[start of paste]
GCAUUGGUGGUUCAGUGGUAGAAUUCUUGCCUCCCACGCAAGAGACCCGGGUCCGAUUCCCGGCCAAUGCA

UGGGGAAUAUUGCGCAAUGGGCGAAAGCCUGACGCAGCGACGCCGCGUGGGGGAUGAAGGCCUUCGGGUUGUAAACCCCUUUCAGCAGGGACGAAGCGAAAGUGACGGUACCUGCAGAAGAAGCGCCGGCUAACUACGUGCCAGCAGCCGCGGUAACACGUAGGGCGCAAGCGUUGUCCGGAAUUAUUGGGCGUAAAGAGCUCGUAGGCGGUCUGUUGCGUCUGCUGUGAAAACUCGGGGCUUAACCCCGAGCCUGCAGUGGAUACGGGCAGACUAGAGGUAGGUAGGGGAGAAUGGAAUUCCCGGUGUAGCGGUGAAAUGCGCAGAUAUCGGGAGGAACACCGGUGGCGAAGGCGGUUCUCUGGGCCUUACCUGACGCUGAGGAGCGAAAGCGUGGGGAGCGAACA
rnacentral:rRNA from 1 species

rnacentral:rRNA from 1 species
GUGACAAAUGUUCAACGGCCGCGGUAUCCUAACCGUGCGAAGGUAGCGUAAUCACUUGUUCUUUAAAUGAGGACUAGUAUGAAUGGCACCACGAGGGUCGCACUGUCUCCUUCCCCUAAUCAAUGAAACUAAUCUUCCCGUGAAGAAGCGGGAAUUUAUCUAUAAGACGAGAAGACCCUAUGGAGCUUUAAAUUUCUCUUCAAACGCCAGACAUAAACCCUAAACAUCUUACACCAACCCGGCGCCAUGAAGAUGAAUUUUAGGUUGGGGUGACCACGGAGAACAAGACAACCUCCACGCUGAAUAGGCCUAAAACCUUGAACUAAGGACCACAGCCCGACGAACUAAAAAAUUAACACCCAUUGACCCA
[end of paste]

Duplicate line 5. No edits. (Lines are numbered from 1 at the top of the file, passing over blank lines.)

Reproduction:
GUGACAAAUGUUCAACGGCCGCGGUAUCCUAACCGUGCGAAGGUAGCGUAAUCACUUGUUCUUUAAAUGAGGACUAGUAUGAAUGGCACCACGAGGGUCGCACUGUCUCCUUCCCCUAAUCAAUGAAACUAAUCUUCCCGUGAAGAAGCGGGAAUUUAUCUAUAAGACGAGAAGACCCUAUGGAGCUUUAAAUUUCUCUUCAAACGCCAGACAUAAACCCUAAACAUCUUACACCAACCCGGCGCCAUGAAGAUGAAUUUUAGGUUGGGGUGACCACGGAGAACAAGACAACCUCCACGCUGAAUAGGCCUAAAACCUUGAACUAAGGACCACAGCCCGACGAACUAAAAAAUUAACACCCAUUGACCCA